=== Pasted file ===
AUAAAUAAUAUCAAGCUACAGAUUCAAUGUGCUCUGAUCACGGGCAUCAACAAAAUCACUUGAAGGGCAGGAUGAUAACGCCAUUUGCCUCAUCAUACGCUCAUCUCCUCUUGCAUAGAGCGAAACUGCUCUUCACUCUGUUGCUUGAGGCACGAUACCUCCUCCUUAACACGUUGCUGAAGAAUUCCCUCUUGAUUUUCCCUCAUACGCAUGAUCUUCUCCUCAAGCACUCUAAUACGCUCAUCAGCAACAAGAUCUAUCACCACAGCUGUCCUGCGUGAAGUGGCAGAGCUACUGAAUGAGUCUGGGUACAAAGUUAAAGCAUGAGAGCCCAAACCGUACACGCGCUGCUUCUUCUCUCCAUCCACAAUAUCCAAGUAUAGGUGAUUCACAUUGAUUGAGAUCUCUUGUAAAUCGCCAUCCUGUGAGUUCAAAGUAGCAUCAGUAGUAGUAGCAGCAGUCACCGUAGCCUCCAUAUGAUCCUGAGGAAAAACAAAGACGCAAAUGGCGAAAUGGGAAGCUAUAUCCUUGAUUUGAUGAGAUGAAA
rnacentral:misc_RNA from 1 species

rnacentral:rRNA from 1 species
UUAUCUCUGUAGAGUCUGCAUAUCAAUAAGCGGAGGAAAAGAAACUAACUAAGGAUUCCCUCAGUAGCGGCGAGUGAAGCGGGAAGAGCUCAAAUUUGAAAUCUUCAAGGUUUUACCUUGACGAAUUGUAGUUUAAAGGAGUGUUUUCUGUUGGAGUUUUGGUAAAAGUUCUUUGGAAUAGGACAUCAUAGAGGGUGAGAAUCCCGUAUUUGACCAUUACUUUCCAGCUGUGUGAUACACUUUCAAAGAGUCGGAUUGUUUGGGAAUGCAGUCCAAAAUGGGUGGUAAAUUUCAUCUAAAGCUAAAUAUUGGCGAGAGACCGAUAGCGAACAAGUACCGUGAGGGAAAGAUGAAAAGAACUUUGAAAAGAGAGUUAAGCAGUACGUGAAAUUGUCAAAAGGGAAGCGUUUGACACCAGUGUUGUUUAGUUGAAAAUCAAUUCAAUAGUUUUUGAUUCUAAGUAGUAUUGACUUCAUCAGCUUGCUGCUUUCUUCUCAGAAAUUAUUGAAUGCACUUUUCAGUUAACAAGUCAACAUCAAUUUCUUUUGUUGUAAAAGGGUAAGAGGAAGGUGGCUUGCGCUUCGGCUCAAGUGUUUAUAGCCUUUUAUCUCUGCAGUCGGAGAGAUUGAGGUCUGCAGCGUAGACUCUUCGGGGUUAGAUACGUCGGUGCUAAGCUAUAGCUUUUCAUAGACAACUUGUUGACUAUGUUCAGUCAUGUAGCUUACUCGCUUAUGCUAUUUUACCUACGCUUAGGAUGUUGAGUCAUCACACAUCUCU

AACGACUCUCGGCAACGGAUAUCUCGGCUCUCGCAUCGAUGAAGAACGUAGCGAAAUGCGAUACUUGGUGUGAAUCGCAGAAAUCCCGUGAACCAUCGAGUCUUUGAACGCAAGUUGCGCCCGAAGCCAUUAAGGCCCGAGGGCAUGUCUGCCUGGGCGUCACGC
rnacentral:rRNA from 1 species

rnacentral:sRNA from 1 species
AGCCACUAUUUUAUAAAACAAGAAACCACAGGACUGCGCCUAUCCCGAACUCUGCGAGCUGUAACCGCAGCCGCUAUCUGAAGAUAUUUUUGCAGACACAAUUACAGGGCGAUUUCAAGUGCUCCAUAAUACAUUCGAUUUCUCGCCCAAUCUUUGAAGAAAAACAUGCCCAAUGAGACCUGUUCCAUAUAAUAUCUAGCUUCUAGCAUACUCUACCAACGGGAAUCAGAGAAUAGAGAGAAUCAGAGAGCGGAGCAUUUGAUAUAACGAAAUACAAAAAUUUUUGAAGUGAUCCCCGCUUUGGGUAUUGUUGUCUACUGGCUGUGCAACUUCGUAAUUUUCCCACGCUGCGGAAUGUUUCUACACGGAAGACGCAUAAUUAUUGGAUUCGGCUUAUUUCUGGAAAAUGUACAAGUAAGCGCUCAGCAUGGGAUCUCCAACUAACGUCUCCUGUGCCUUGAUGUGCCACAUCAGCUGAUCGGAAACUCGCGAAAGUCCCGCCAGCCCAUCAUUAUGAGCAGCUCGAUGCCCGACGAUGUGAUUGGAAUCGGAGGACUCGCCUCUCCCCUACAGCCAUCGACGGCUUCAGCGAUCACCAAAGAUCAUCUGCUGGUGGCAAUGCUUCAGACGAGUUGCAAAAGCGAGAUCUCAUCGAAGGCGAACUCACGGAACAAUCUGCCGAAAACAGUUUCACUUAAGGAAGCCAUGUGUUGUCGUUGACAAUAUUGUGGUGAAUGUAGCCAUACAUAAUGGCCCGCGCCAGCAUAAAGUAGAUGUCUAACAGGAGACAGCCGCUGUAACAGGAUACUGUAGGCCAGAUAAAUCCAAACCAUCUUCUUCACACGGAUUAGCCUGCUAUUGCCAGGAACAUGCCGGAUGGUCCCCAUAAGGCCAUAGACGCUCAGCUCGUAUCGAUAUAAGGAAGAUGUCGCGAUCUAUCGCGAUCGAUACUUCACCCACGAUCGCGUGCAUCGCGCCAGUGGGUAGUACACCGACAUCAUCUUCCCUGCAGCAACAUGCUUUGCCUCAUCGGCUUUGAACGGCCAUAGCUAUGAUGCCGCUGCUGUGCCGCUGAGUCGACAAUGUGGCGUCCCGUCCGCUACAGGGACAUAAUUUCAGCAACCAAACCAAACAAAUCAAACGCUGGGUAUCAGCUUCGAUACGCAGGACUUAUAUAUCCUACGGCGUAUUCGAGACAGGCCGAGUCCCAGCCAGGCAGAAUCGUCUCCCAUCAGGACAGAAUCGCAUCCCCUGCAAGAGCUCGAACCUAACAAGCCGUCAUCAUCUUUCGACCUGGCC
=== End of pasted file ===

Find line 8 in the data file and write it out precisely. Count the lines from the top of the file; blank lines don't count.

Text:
AGCCACUAUUUUAUAAAACAAGAAACCACAGGACUGCGCCUAUCCCGAACUCUGCGAGCUGUAACCGCAGCCGCUAUCUGAAGAUAUUUUUGCAGACACAAUUACAGGGCGAUUUCAAGUGCUCCAUAAUACAUUCGAUUUCUCGCCCAAUCUUUGAAGAAAAACAUGCCCAAUGAGACCUGUUCCAUAUAAUAUCUAGCUUCUAGCAUACUCUACCAACGGGAAUCAGAGAAUAGAGAGAAUCAGAGAGCGGAGCAUUUGAUAUAACGAAAUACAAAAAUUUUUGAAGUGAUCCCCGCUUUGGGUAUUGUUGUCUACUGGCUGUGCAACUUCGUAAUUUUCCCACGCUGCGGAAUGUUUCUACACGGAAGACGCAUAAUUAUUGGAUUCGGCUUAUUUCUGGAAAAUGUACAAGUAAGCGCUCAGCAUGGGAUCUCCAACUAACGUCUCCUGUGCCUUGAUGUGCCACAUCAGCUGAUCGGAAACUCGCGAAAGUCCCGCCAGCCCAUCAUUAUGAGCAGCUCGAUGCCCGACGAUGUGAUUGGAAUCGGAGGACUCGCCUCUCCCCUACAGCCAUCGACGGCUUCAGCGAUCACCAAAGAUCAUCUGCUGGUGGCAAUGCUUCAGACGAGUUGCAAAAGCGAGAUCUCAUCGAAGGCGAACUCACGGAACAAUCUGCCGAAAACAGUUUCACUUAAGGAAGCCAUGUGUUGUCGUUGACAAUAUUGUGGUGAAUGUAGCCAUACAUAAUGGCCCGCGCCAGCAUAAAGUAGAUGUCUAACAGGAGACAGCCGCUGUAACAGGAUACUGUAGGCCAGAUAAAUCCAAACCAUCUUCUUCACACGGAUUAGCCUGCUAUUGCCAGGAACAUGCCGGAUGGUCCCCAUAAGGCCAUAGACGCUCAGCUCGUAUCGAUAUAAGGAAGAUGUCGCGAUCUAUCGCGAUCGAUACUUCACCCACGAUCGCGUGCAUCGCGCCAGUGGGUAGUACACCGACAUCAUCUUCCCUGCAGCAACAUGCUUUGCCUCAUCGGCUUUGAACGGCCAUAGCUAUGAUGCCGCUGCUGUGCCGCUGAGUCGACAAUGUGGCGUCCCGUCCGCUACAGGGACAUAAUUUCAGCAACCAAACCAAACAAAUCAAACGCUGGGUAUCAGCUUCGAUACGCAGGACUUAUAUAUCCUACGGCGUAUUCGAGACAGGCCGAGUCCCAGCCAGGCAGAAUCGUCUCCCAUCAGGACAGAAUCGCAUCCCCUGCAAGAGCUCGAACCUAACAAGCCGUCAUCAUCUUUCGACCUGGCC